Old practises

These are a few practises usually adopted by React developers to return multiple HTML elements without any parse errors.

The array technique

In this technique, you wrap the elements you want to return in an array by passing the elements like array elements. That way, your elements will be rendered as you will want them and the application will no longer break. Create a new functional component and call it ArrayExample.js . Return the exact logic we had in the first illustration in the return section but this time as array elements of an array.

    // src/ArrayExample.js
    import React from 'react'
    function ArrayExample() {
     return (
      [
       <h2>Learning about fragments</h2>,
       <p>fragments are super amazing</p>
      ]
     )
    }
    export default ArrayExample

Reference this new component in the DOM by including it and importing it in the main App.js file.

    // src/App.js
    import React, { Component } from 'react';
    import './App.css';
    // import Fragment from './Fragment';
    import ArrayExample from './ArrayExample';
    class App extends Component {
    render() {
    return (
    <div className="App">
    {/* <Fragment /> */}
    <Array />
    </div>
    );
    }
    }
    export default App;

In order not to get any errors, make sure to remove the paragraph element in the Fragment.js file. The return statement should look like this:

    // replace the return code block in the Fragment.js with this
    return (
    <h2>
    Learning about fragments
    </h2>
    )

When you save all the files, you will see the elements you expected rendered in the browser. Open your browser at http://localhost:3000/ and you should see your application like this:

Drawbacks: inefficient memory management

The array technique is a good solution but a memory inefficient solution, as it requires rendering extra elements in the DOM. It also requires even more additional syntax to use. If you use your browser developer tools to inspect the application, you will see a console warning that looks like this:

To make sure you do not get warned again, add unique keys to the individual elements in the array.

    // src/ArrayExample.js
    import React from 'react'
    function ArrayExample() {
     return (
      [
       <h2 key="alpha"> Learning about fragments </h2>,
       <p key="beta"> fragments are super amazing </p>
      ]
     )
    }
    export default ArrayExample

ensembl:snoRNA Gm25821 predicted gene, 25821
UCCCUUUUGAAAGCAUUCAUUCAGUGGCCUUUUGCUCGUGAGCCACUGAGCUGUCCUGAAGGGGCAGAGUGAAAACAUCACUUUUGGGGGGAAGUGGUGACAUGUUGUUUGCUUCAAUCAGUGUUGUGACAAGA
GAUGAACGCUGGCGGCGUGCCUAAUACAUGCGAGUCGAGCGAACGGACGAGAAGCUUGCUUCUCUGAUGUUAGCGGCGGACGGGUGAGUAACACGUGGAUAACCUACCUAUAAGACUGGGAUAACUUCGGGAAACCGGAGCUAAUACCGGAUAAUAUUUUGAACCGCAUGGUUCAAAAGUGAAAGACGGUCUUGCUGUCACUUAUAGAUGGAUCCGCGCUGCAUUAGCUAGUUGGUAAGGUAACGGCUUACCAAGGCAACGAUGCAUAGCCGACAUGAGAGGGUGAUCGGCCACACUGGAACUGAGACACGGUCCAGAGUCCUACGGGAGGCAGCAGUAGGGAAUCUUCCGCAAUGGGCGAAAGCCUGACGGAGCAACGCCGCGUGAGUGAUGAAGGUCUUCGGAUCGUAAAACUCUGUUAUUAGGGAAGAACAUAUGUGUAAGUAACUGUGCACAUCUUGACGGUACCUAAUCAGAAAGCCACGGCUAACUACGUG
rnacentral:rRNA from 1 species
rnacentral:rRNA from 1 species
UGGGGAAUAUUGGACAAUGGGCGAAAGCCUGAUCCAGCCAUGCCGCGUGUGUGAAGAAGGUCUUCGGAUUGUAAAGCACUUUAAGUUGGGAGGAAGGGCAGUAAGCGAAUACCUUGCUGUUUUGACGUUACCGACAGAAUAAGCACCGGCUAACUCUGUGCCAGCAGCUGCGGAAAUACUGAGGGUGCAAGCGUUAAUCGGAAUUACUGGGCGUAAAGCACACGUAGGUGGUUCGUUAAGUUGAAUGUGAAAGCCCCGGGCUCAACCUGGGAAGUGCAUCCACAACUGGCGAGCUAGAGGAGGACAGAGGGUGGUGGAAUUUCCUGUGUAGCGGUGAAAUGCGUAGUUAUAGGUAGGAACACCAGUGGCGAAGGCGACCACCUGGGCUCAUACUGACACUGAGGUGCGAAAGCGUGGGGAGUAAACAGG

You will see the warnings disappear when you save the file. This additional syntax adds to the cumbersome nature of this method and makes it unsustainable and inefficient.

The extra tag technique

Another solution to returning more than one element without errors is to wrap them in a parent tag. This tag can be a span or a div tag, most React developers use div tags a lot to ensure their code block for a return statement does not lead to errors that break the application. These tags are absolutely do nothing except preventing JSX errors.

Create a new functional component and call it Extra.js. Copy the logic below and paste into the new component.

    // src/Extra.js
    import React from 'react'
    import Lists from './Lists';
    function Extra() {
     return (
      <div>
       <h2> Learning about fragments </h2>
       <p>Ways to render elements</p>
       <ul>
        <Lists />
       </ul>
      </div>
     )
    }

    export default Extra

Create another component, call it Lists.js where the list will be stored and then imported into the Extra component.

    // src/Lists.js
    import React from 'react'
    function Lists() {
     return (
      <div>
       <li>1. Array method</li>
       <li>2. Extra tag method</li>
       <li>3. fragments</li>
      </div>
     )
    }
    export default Lists

Reference the Extra component in the DOM by including it and importing it in the main App.js file.

    // src/App.js
    import React, { Component } from 'react';
    import './App.css';
    // import Fragment from './Fragment';
    import Extra from './Extra';

    class App extends Component {
     render() {
      return (
       <div className="App">
       {/* <Fragment /> */}
       {/* <ArrayExample /> */}
       <Extra />
      </div>
      );
     }
    }

    export default App;

When you save all the files, you will see the elements as expected rendered in the browser. However, when you inspect the application using the developer tools you will discover that the extra div is present in the DOM but more damaging is the div between the ul tag and the li tags. That is not semantic and will not be recognized by an accessibility tool like a screen reader.